Hafsa Sultan (wife of Selim I)
|Hafsa (Hâfiza) Sultan
Bust in Manisa
|Valide Sultan of the Ottoman Empire|
|Tenure||30 September 1520 – 19 March 1534|
(Emine Gülbahar as Valide Hatun)
|Died||19 March 1534
Constantinople, Ottoman Empire
|Burial||Yavuz Selim Mosque, Fatih, Constantinople (present day Istanbul)|
|Spouse||Sultan Selim I|
|Issue||Sultan Suleiman I
|House||House of Osman (by marriage)|
Hafsa Sultan (Ottoman Turkish: حفصه سلطان; 1479 – 19 March 1534) was wife of Selim I and the first valide sultan of the Ottoman Empire as mother of Suleiman the Magnificent. During the period between her son's enthronement in 1520 and her death in 1534, she was one of the most influential persons in the Empire.
Having resided in the city of Manisa in western Turkey with her son, who administered the surrounding region between 1513 and 1520, the town being one of the traditional residences for Ottoman crown princes (şehzade) in apprenticeship for future power, Hafsa Sultan is the initiator of the Manisa's "Mesir Festival", a local tradition still continued today. She also had a large complex consisting of a mosque, a primary school, a college and a hospice built in the city.
She was also the first Ottoman imperial women who held title "sultan" after her given name, replacing title "hatun". This usage reflected the Ottoman conception of sovereign power as "family prerogative". Consequently, the title valide hatun (title for living mother of the reigning Ottoman sultan before 16th century) also turned into valide sultan, made Hafsa the first valide sultan. Her period signalled the shifting status of the sultan's mother and her increased share in power. After the birth of her son Suleiman, born on 6 November 1494 in Trabzon, she gave birth to three daughters: Hatice, Fatma and Hafsa.
She was the most powerful woman of the Ottoman Empire during her son's reign.
Hafsa Sultan died in March 1534 and was buried near her husband in a mausoleum behind the qiblah wall of Yavuz Selim Mosque, in Fatih, Istanbul. The mausoleum was largely destroyed in an earthquake in 1884, a reconstruction effort started in the 1900s (decade) having been left discontinued, and her tomb today is much simpler than it was built originally.
|Wikimedia Commons has media related to Ayşe Hafsa Sultan.|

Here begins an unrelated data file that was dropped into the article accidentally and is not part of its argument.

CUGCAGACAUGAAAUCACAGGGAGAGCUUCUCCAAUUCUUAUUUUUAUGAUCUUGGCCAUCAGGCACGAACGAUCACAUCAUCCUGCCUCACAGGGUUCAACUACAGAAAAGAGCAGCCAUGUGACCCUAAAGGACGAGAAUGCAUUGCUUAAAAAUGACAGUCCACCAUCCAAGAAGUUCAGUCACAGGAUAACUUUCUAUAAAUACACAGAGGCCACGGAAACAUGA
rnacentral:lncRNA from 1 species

- Sakaoğlu, Necdet (2008). Bu mülkün kadın sultanları: Vâlide sultanlar, hâtunlar, hasekiler, kadınefendiler, sultanefendiler. Oğlak Yayıncılık. p. 148. ISBN 978-9-753-29623-6. (Her name is given as "Hafsa bint-i Abdü'l-Muin" in Kitâbeler by İ. H. Uzunçarşılı. This proves that she was of non-Turkish origin, and later converted to Islam. The assertions that she was daughter of Meñli I Giray of the Crimean Khanate was never proven even though one of the wives of Selim I, namely Ayşe Hatun (wife of Selim I), was the real daughter of Meñli I Giray.)
- Though generally known as "Hafsa Sultan", she is sometimes incidentally referred to as "Ayşe Hafsa Sultan" by some authors, without indication of the origin of this name. Name "Hafsa" referred to Muhammad's wive Hafsa (حفصة) daughter of Umar ibn Al Kattab.
- Pietro Bragadin, Venetian Republic's ambassador in the early years of Suleiman the Magnificent's reign notes "a very beautiful woman of 48, for whom the sultan bears great reverence and love..." Leslie Peirce (1993). The Imperial Harem : Women and Sovereignty in the Ottoman Empire p. 62 ISBN 0-19-508677-5. Oxford University Press.
- Alan Fisher (1993). "The Life and Family of Suleyman I". In İnalcık, Halil; Kafadar, Cemal. Süleymân The Second [i.e. the First] and his time. Isis Press.
That she was a Tatar, a daughter of the Crimean Khan Mengli Giray, was a story apparently begun by Jovius, repeated by other western sources, and taken up by Merriman in his biography of Suleyman
- Encyclopedia of Islam vol. IX (1997), s.v. Suleyman p.833
- Peirce, Leslie P. (1993). The Imperial Harem: Women and Sovereignty in the Ottoman Empire. Oxford University Press. ISBN 0-19-508677-5.
- Amy Singer (2002). Constructing Ottoman beneficence: An imperial soup kitchen in Jerusalem p. 90 ISBN 0-7914-5351-0. State University of New York Press.
- Peirce, Leslie P., The Imperial Harem: Women and Sovereignty in the Ottoman Empire, Oxford University Press, 1993, ISBN 0-19-508677-5 (paperback).
as Valide Hatun
30 September 1520 – 19 March 1534